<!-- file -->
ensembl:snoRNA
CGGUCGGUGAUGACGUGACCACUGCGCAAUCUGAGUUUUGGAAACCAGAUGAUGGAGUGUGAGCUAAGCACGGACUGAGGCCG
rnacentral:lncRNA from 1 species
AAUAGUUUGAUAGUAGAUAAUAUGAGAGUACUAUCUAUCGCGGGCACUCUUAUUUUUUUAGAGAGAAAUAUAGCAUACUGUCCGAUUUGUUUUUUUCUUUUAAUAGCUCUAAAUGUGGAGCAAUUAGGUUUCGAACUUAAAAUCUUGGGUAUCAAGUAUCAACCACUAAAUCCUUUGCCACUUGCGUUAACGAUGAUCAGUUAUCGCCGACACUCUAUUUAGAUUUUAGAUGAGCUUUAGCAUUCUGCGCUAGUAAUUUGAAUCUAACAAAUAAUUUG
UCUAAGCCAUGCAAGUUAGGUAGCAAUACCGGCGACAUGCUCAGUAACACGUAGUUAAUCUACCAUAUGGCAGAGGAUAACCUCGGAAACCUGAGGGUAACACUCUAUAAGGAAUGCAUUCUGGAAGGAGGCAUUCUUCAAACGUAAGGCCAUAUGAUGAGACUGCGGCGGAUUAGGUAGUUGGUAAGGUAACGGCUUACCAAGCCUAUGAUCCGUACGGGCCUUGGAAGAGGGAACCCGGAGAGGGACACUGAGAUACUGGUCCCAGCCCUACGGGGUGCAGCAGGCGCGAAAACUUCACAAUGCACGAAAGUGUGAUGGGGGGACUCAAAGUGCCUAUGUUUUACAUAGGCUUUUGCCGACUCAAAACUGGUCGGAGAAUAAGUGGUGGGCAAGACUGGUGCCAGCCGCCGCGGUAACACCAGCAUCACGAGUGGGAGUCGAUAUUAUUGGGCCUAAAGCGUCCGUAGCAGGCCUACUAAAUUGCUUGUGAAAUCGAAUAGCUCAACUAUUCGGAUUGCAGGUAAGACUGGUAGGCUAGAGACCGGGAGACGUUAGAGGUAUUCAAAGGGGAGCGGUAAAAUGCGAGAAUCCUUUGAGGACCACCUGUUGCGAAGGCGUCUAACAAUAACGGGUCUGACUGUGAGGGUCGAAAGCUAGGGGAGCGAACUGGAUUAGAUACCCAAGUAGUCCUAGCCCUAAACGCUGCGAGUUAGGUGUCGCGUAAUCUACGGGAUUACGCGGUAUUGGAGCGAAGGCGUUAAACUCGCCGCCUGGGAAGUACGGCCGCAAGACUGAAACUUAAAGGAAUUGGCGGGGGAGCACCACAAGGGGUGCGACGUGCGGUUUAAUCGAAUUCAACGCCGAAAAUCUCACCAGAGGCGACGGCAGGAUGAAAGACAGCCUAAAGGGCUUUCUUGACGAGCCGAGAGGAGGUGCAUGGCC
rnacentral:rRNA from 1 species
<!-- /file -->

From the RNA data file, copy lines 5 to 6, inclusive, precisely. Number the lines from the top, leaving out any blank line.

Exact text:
UCUAAGCCAUGCAAGUUAGGUAGCAAUACCGGCGACAUGCUCAGUAACACGUAGUUAAUCUACCAUAUGGCAGAGGAUAACCUCGGAAACCUGAGGGUAACACUCUAUAAGGAAUGCAUUCUGGAAGGAGGCAUUCUUCAAACGUAAGGCCAUAUGAUGAGACUGCGGCGGAUUAGGUAGUUGGUAAGGUAACGGCUUACCAAGCCUAUGAUCCGUACGGGCCUUGGAAGAGGGAACCCGGAGAGGGACACUGAGAUACUGGUCCCAGCCCUACGGGGUGCAGCAGGCGCGAAAACUUCACAAUGCACGAAAGUGUGAUGGGGGGACUCAAAGUGCCUAUGUUUUACAUAGGCUUUUGCCGACUCAAAACUGGUCGGAGAAUAAGUGGUGGGCAAGACUGGUGCCAGCCGCCGCGGUAACACCAGCAUCACGAGUGGGAGUCGAUAUUAUUGGGCCUAAAGCGUCCGUAGCAGGCCUACUAAAUUGCUUGUGAAAUCGAAUAGCUCAACUAUUCGGAUUGCAGGUAAGACUGGUAGGCUAGAGACCGGGAGACGUUAGAGGUAUUCAAAGGGGAGCGGUAAAAUGCGAGAAUCCUUUGAGGACCACCUGUUGCGAAGGCGUCUAACAAUAACGGGUCUGACUGUGAGGGUCGAAAGCUAGGGGAGCGAACUGGAUUAGAUACCCAAGUAGUCCUAGCCCUAAACGCUGCGAGUUAGGUGUCGCGUAAUCUACGGGAUUACGCGGUAUUGGAGCGAAGGCGUUAAACUCGCCGCCUGGGAAGUACGGCCGCAAGACUGAAACUUAAAGGAAUUGGCGGGGGAGCACCACAAGGGGUGCGACGUGCGGUUUAAUCGAAUUCAACGCCGAAAAUCUCACCAGAGGCGACGGCAGGAUGAAAGACAGCCUAAAGGGCUUUCUUGACGAGCCGAGAGGAGGUGCAUGGCC
rnacentral:rRNA from 1 species